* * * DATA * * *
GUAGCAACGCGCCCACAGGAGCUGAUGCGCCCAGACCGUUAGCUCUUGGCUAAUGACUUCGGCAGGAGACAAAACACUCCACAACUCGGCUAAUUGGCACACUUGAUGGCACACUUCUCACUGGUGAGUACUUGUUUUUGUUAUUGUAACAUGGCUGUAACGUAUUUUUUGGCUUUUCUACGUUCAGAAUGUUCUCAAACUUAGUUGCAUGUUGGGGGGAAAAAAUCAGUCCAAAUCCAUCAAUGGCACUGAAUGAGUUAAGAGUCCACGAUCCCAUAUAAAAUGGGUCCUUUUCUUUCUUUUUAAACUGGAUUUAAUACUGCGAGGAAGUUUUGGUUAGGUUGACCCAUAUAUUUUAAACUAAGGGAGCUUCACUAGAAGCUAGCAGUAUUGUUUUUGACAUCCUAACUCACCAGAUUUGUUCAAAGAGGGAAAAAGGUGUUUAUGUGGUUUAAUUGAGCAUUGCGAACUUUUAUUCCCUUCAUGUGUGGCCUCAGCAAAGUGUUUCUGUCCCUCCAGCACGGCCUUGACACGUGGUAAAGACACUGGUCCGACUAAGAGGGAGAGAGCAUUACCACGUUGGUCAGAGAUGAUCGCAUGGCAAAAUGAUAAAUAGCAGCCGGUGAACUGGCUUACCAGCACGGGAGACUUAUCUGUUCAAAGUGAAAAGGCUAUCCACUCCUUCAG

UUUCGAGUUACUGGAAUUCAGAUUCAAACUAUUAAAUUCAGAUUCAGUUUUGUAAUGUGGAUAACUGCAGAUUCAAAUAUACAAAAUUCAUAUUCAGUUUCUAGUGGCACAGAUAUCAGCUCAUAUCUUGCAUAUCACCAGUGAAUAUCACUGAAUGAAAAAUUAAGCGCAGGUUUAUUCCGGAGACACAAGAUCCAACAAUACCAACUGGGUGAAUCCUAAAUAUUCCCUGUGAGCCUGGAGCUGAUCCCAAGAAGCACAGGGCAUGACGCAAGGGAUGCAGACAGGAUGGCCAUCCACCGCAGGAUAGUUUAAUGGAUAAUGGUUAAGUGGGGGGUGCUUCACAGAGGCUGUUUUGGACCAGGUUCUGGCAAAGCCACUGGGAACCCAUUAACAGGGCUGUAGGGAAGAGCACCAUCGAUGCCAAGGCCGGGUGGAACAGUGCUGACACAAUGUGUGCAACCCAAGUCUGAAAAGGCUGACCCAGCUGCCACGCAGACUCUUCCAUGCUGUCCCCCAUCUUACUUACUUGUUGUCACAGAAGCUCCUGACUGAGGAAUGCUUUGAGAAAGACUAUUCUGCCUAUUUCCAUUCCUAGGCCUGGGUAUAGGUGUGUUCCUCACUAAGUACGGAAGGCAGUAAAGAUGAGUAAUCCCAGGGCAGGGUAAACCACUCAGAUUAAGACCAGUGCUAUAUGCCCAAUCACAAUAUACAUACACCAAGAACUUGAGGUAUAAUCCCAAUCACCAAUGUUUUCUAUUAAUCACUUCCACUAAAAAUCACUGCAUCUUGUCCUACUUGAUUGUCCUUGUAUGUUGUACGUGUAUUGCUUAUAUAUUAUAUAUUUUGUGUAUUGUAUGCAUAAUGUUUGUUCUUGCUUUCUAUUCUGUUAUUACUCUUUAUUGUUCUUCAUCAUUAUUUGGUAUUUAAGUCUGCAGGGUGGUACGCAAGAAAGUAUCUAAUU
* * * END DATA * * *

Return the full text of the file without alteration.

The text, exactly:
GUAGCAACGCGCCCACAGGAGCUGAUGCGCCCAGACCGUUAGCUCUUGGCUAAUGACUUCGGCAGGAGACAAAACACUCCACAACUCGGCUAAUUGGCACACUUGAUGGCACACUUCUCACUGGUGAGUACUUGUUUUUGUUAUUGUAACAUGGCUGUAACGUAUUUUUUGGCUUUUCUACGUUCAGAAUGUUCUCAAACUUAGUUGCAUGUUGGGGGGAAAAAAUCAGUCCAAAUCCAUCAAUGGCACUGAAUGAGUUAAGAGUCCACGAUCCCAUAUAAAAUGGGUCCUUUUCUUUCUUUUUAAACUGGAUUUAAUACUGCGAGGAAGUUUUGGUUAGGUUGACCCAUAUAUUUUAAACUAAGGGAGCUUCACUAGAAGCUAGCAGUAUUGUUUUUGACAUCCUAACUCACCAGAUUUGUUCAAAGAGGGAAAAAGGUGUUUAUGUGGUUUAAUUGAGCAUUGCGAACUUUUAUUCCCUUCAUGUGUGGCCUCAGCAAAGUGUUUCUGUCCCUCCAGCACGGCCUUGACACGUGGUAAAGACACUGGUCCGACUAAGAGGGAGAGAGCAUUACCACGUUGGUCAGAGAUGAUCGCAUGGCAAAAUGAUAAAUAGCAGCCGGUGAACUGGCUUACCAGCACGGGAGACUUAUCUGUUCAAAGUGAAAAGGCUAUCCACUCCUUCAG

UUUCGAGUUACUGGAAUUCAGAUUCAAACUAUUAAAUUCAGAUUCAGUUUUGUAAUGUGGAUAACUGCAGAUUCAAAUAUACAAAAUUCAUAUUCAGUUUCUAGUGGCACAGAUAUCAGCUCAUAUCUUGCAUAUCACCAGUGAAUAUCACUGAAUGAAAAAUUAAGCGCAGGUUUAUUCCGGAGACACAAGAUCCAACAAUACCAACUGGGUGAAUCCUAAAUAUUCCCUGUGAGCCUGGAGCUGAUCCCAAGAAGCACAGGGCAUGACGCAAGGGAUGCAGACAGGAUGGCCAUCCACCGCAGGAUAGUUUAAUGGAUAAUGGUUAAGUGGGGGGUGCUUCACAGAGGCUGUUUUGGACCAGGUUCUGGCAAAGCCACUGGGAACCCAUUAACAGGGCUGUAGGGAAGAGCACCAUCGAUGCCAAGGCCGGGUGGAACAGUGCUGACACAAUGUGUGCAACCCAAGUCUGAAAAGGCUGACCCAGCUGCCACGCAGACUCUUCCAUGCUGUCCCCCAUCUUACUUACUUGUUGUCACAGAAGCUCCUGACUGAGGAAUGCUUUGAGAAAGACUAUUCUGCCUAUUUCCAUUCCUAGGCCUGGGUAUAGGUGUGUUCCUCACUAAGUACGGAAGGCAGUAAAGAUGAGUAAUCCCAGGGCAGGGUAAACCACUCAGAUUAAGACCAGUGCUAUAUGCCCAAUCACAAUAUACAUACACCAAGAACUUGAGGUAUAAUCCCAAUCACCAAUGUUUUCUAUUAAUCACUUCCACUAAAAAUCACUGCAUCUUGUCCUACUUGAUUGUCCUUGUAUGUUGUACGUGUAUUGCUUAUAUAUUAUAUAUUUUGUGUAUUGUAUGCAUAAUGUUUGUUCUUGCUUUCUAUUCUGUUAUUACUCUUUAUUGUUCUUCAUCAUUAUUUGGUAUUUAAGUCUGCAGGGUGGUACGCAAGAAAGUAUCUAAUU